Part 2, Champa and the Merchant


Our first whole day in Kathmandu after a fitful nights sleep under a mosquito net. Left Chauuni at around 9.30am waiting for a taxi near Swayambhu. Champa had warned me about queuing for things in Nepal …….. You don’t! So when the first one arrived …. Whoosh, it was full before you could blink, so next time Champa showed me how to do it with elbows, grab the door, push, shove, easy really. She’s quite good at it, as I would discover more about later.

The taxi took us into the heart of old Kathmandu (I suppose its all old really) ……… narrow streets, no tarmac but lots of puddles, people selling things on their doorsteps, big baskets of fruits, cows, people walking, cycling, on motorbikes and in cars. Also people begging everywhere you look, meat and fish stalls covered in flies ….. And the smells! Where is Shangri La I wonder? I was warned about this before we came but I wasn’t really prepared for it, remember, this was my FIRST time outside Britain.


We just wandered around aimlessly during the morning, mostly in Ason, before visiting the Royal Nepal Bank to exchange some travellers cheques. What a place; one counter to fill in a form, one counter to present the form and the cheque, another counter to get the money in large denomination notes, another counter to change some of the large notes into smaller denominations. Utter chaos for about an hour, what wonderful kids we have …. no complaints, no whinging, just absorbing everything excitedly especially the rather old man at the door with an old rifle looking like it hadn’t been fired since the battle of Waterloo.

Leaving the bank we went to the post office and bought some stamps to post a dozen or so cards to friends at home, and then on past a place known as The Golden Taps. This is an ancient source of clean water for residents who fill up their pots daily, though when we passed by there were lots of men washing themselves under the taps.

Everyone was now quite hungry so we took an autorickshaw to Kantipath and the RaRa Restaurant, supposedly Japanese  where we had a Sukiyaki for the 4 of us cooked beside our table; bean curd, noodles, onions, green beans, chicken and raw eggs stirred into it at the end. Served with bowls of rice, Michael used the chopsticks but Sharon gave up after a few minutes. The whole meal, which included starters and four Cokes cost 148NRs at an exchange rate of about 20NRs/£ (Amazingly today, 2017 the exchange rate is around 130NRs/£).


The next part of the day began with a taxi ride to Basantapur, the very old and original area of the city. Large pagoda buildings dominated the square which was filled with merchants and tradesmen selling crafts and curios of Nepal. Masks, kukhri, Buddhas, coins, rings, necklaces, bangles, musical instruments, flutes, all laid out in neat rows by each seller. I suppose what happened next WAS to be expected ….. A white man, a tourist, in the middle of all this is “fair game” I suppose but it felt like I was a small fish surrounded by circling sharks! “Buy this, buy that, very cheap, I give you good price…” but Champa just waved them away …… speaking English. This only resulted now in them doing the same to Champa, “buy this, buy that missee”, but what now happened was NOT expected. Someone offered a brass statue of the goddess Tara which Champa really liked so she asked, again in English “how much?” to which the reply was 200NRs (at 20NRs/£ remember in 1983). It was suddenly as if something snapped in Champa’s head after a day of noise, dust, pushing, shoving, queues ….. “Taskun hishimaru” she shouted in Newari meaning “DON’T BE SILLY”. The fact that she had spoken in Newari, the language of the original Kathmandu people and not Nepali was like a bucket of cold water had been thrown over him and other merchants who were pestering us. Half of them now ran away!!! The kids thought this was brilliant, especially when another merchant now brought us 3 boxes to sit on while speaking to Champa to continue the negotiation with the man with the Tara! It attracted a huge crowd, just like street theatre, pleading, indignation, arm waving, shouting, laughing, all conducted in Newari so we couldn’t understand a word of it, except when Champa grabbed us deciding to walk away. The merchant now looked astonished, but after a few seconds ran after us, dropped his price to 115NRs which Champa accepted. Everybody clapped!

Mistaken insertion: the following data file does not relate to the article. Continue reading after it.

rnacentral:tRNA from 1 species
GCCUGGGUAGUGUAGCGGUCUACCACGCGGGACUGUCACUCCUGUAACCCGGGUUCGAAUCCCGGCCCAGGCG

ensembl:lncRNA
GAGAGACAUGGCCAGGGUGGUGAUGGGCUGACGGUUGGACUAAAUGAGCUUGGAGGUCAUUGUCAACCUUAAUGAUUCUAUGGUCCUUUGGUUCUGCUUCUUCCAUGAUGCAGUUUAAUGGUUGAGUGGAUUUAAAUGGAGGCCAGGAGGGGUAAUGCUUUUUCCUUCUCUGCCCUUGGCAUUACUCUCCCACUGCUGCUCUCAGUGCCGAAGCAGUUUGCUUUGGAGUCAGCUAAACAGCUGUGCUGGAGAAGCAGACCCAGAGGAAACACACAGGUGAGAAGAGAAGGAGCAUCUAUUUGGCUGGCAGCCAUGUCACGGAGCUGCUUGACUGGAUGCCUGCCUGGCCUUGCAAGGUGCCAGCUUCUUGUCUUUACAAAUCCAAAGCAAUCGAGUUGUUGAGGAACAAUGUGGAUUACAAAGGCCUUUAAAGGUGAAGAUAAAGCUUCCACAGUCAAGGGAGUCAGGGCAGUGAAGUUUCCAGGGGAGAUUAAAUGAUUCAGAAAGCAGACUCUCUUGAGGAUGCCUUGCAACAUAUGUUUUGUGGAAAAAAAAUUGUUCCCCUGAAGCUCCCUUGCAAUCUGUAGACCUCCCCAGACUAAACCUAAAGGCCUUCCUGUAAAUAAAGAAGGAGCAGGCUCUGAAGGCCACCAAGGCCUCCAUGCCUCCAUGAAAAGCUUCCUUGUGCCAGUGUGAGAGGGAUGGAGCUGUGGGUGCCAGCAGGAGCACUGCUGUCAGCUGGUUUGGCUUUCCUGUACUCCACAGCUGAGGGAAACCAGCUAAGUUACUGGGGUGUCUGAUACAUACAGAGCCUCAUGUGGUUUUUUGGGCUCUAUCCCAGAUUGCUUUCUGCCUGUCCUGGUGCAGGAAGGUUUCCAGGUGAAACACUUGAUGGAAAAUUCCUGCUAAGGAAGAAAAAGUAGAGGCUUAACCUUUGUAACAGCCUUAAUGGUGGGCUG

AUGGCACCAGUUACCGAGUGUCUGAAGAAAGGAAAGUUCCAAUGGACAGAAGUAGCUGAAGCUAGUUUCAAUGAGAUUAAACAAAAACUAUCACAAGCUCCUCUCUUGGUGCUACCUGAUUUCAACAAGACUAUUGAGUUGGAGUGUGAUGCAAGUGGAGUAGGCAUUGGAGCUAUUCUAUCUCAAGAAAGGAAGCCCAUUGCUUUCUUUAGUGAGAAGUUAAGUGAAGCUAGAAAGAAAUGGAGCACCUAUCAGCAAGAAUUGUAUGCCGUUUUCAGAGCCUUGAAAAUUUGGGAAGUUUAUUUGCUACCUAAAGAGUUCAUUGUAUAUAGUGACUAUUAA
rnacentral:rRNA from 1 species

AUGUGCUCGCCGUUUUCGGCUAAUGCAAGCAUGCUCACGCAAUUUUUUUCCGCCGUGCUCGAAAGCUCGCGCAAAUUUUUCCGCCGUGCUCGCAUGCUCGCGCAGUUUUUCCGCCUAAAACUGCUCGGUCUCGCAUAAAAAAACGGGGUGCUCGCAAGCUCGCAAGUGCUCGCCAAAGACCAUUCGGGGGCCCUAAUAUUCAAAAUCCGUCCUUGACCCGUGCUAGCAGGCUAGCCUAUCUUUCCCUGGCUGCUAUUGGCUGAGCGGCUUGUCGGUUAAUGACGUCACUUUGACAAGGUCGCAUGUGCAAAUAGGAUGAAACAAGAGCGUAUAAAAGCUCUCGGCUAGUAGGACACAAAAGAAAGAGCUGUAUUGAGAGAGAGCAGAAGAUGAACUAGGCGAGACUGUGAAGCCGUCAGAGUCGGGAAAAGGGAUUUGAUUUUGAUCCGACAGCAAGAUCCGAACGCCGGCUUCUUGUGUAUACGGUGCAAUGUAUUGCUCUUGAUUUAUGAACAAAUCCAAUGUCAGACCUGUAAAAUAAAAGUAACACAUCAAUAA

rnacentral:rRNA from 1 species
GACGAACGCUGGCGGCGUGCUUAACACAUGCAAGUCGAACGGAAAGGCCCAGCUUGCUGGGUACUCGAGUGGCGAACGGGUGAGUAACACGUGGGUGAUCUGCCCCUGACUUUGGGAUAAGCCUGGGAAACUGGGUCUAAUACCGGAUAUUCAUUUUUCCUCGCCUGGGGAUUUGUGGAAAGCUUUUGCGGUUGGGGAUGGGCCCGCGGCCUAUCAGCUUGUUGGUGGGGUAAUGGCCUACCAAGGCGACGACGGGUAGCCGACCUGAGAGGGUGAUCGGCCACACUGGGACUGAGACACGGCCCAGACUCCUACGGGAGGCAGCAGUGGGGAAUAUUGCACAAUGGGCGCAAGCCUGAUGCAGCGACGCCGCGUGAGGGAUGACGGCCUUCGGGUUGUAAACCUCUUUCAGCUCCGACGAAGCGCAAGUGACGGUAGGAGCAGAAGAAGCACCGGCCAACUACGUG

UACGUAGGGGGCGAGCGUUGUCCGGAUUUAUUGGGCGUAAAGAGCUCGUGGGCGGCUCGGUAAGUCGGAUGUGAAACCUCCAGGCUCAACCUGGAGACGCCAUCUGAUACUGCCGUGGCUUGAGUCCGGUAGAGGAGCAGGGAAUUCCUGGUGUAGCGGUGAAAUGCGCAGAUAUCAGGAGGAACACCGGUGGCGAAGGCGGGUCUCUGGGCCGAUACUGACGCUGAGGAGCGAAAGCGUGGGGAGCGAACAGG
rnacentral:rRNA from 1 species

It was later in the day that Madan, Champa’s youngest brother looked at the Tara and declared it to be only worth about 50NRs so who won in the end? The answer is EVERYBODY won. Champa won because she got something she really wanted and liked at a lower price than offered, the merchant won because he got a very good price, the spectators won because it was very funny and entertaining to lots of people. Bargaining is a way of life here so we are setting a family rule for buying things: whatever the merchant asks for as price, half it, then half it again and that is the starting point!

Time for bed.

Do follow us and look out for Part 3, Food is a blessing and a Gift.